Students are being encouraged to enter into a lifetime of giving to their universities after graduating, despite having to pay higher tuition fees.
Universities across the West Midlands have stepped up fundraising targeted at graduates in a bid to develop a US-style long term financial relationship with them.
They will be encouraged to donate money to their institution throughout their lives as a mark of affiliation to the place where they studied.
The push comes ahead of a new £200 million scheme to be launched in August in which the Government has pledged to match fund the amount of money English universities receive through donations.
As a result, universities are currently on a hard sell to get graduates to change the way they think about the institution from which they gained their degree.
Birmingham University – which has a more established fundraising operation – received the biggest single alumni donation in the region five years ago when former student Dr Paul Ramsay donated £1 million.
The university’s director of development and alumni relations Nick Blinco said: “It is about saying ‘help us make this a world class university’.
“It is not about filling holes in funding. If you look at the US model, which is what everyone in this country seems to do, the amount people give is relatively modest but it is the fact that many more contribute that provides a serious income.
“What we are trying to do is look to build relationships in the short, medium and long term.”
Warwick University has raised £3 million from donations since 1997 and has been in touch with 35,000 graduates. The biggest donations have been in the region of £300,000.
The university’s director of major gifts Mary McGrath said: “There is a big cultural shift in people’s attitude to higher education giving.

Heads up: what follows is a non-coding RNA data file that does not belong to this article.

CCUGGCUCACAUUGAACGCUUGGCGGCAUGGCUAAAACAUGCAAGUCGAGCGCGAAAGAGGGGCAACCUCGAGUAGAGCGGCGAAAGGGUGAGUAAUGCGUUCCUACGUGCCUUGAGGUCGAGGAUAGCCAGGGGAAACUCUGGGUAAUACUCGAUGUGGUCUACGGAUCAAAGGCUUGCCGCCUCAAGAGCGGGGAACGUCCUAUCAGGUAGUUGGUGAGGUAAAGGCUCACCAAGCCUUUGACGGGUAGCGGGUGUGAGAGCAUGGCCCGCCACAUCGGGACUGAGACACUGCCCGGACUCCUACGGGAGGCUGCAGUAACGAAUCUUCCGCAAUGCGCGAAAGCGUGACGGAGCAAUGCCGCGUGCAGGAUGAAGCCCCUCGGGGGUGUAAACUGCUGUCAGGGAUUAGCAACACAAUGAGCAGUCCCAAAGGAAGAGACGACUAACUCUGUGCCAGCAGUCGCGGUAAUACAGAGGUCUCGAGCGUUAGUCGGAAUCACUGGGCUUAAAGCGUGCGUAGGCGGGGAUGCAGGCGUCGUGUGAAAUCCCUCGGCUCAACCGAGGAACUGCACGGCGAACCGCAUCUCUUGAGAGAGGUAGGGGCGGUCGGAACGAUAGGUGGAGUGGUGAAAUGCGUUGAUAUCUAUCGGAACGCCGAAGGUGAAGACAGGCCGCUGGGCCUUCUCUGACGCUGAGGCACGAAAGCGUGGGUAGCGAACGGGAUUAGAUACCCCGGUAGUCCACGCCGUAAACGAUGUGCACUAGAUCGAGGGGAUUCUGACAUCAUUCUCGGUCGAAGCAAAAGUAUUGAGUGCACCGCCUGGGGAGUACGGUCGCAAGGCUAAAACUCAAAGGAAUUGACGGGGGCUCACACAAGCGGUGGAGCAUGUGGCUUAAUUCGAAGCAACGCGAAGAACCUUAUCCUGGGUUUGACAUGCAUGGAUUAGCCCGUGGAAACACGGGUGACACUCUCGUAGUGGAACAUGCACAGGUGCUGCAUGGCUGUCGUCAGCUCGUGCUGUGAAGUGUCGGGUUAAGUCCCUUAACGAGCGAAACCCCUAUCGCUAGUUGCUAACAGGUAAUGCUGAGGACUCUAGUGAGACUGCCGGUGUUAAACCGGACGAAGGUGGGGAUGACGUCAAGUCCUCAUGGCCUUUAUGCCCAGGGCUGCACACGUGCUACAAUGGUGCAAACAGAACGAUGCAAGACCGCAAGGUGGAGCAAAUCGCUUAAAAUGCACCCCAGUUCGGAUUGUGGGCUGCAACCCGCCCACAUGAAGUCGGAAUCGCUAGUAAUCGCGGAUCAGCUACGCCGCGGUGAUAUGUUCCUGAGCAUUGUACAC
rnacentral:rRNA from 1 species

“Ten years ago it wasn’t something they would have considered giving to. But now they think if they give to research at a university that may find a cure for cancer, that is as good if not better than giving to a cancer charity.”
Ms McGrath added: “The more people understand what universities can do and the impact they can have the more they will support them.
“Donors really enjoy it. You get to the stage where you know the person who wants to do something generous and if you can match that with something worthwhile at the university you are a facilitator to do something good.
“It is not going around with a begging bowl. They are investing in success and taking their university to another level.”
Ms McGrath said the cultural shift was already happening and students who only left a year ago were already donating cash.
Aston University’s director of marketing and communications Kathryn Jones said: “Three years ago we appointed a new manager and we are ramping up our activities, not so much with the fundraising but building up the relationships. We are conducting a feasibility study to see what possibilities there are.
“It is my belief there is a lot of potential and people who want to donate to the cause. America is about 30 years ahead of us but there is a willingness here and it is about taking that to the next level.”
The greater focus on financial support from former students comes in the wake of a growing emphasis for universities to become more self-sustaining.
The introduction of tuition top-up fees, tripling the amount students pay to study, was part of a drive to shift income away from public money.
Ministers claim it is no longer possible for the state to fund higher education, particularly in light of a policy decision to get half of all young people to university to create a more highly educated workforce able to compete on the global stage.